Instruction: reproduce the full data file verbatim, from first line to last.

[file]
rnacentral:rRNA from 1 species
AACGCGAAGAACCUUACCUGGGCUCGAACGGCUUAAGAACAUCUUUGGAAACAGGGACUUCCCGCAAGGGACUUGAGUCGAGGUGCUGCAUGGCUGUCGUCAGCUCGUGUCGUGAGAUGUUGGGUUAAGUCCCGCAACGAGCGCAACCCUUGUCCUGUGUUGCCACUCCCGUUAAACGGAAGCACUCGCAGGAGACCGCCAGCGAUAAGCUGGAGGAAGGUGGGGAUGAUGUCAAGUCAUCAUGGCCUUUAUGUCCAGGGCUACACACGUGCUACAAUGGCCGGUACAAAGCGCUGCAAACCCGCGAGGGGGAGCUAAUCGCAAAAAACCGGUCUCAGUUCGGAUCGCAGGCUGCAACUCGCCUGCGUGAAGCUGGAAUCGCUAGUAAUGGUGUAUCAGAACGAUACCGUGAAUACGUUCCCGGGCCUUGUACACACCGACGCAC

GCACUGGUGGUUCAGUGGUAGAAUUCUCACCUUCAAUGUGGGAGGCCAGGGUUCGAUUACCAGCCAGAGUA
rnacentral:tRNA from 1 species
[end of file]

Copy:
rnacentral:rRNA from 1 species
AACGCGAAGAACCUUACCUGGGCUCGAACGGCUUAAGAACAUCUUUGGAAACAGGGACUUCCCGCAAGGGACUUGAGUCGAGGUGCUGCAUGGCUGUCGUCAGCUCGUGUCGUGAGAUGUUGGGUUAAGUCCCGCAACGAGCGCAACCCUUGUCCUGUGUUGCCACUCCCGUUAAACGGAAGCACUCGCAGGAGACCGCCAGCGAUAAGCUGGAGGAAGGUGGGGAUGAUGUCAAGUCAUCAUGGCCUUUAUGUCCAGGGCUACACACGUGCUACAAUGGCCGGUACAAAGCGCUGCAAACCCGCGAGGGGGAGCUAAUCGCAAAAAACCGGUCUCAGUUCGGAUCGCAGGCUGCAACUCGCCUGCGUGAAGCUGGAAUCGCUAGUAAUGGUGUAUCAGAACGAUACCGUGAAUACGUUCCCGGGCCUUGUACACACCGACGCAC

GCACUGGUGGUUCAGUGGUAGAAUUCUCACCUUCAAUGUGGGAGGCCAGGGUUCGAUUACCAGCCAGAGUA
rnacentral:tRNA from 1 species